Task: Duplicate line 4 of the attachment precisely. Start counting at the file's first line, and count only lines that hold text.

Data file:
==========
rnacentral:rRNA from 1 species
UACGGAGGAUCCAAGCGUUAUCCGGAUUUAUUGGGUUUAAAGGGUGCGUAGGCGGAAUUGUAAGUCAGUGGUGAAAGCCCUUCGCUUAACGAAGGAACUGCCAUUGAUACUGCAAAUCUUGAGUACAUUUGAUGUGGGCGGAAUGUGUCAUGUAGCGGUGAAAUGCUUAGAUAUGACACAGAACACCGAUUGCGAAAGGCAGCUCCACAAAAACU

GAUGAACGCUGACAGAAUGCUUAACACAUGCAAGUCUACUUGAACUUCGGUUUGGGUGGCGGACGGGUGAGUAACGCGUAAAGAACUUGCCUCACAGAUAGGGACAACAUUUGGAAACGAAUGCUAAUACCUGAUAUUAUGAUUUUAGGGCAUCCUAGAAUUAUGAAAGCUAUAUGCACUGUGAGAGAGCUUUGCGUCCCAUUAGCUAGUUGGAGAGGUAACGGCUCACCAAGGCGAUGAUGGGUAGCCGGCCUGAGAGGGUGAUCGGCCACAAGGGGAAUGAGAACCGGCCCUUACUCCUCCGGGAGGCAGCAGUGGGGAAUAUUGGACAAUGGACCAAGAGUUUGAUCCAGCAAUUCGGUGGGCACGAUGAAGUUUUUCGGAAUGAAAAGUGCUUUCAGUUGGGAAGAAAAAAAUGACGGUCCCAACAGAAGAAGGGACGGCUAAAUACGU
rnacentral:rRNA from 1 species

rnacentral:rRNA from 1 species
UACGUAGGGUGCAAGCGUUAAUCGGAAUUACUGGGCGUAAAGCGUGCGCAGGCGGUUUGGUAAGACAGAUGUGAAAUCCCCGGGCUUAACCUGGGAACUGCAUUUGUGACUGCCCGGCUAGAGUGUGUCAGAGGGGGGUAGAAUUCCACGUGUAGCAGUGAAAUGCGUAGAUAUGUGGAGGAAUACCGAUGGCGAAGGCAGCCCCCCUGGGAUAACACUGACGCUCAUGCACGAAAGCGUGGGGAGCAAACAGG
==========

rnacentral:rRNA from 1 species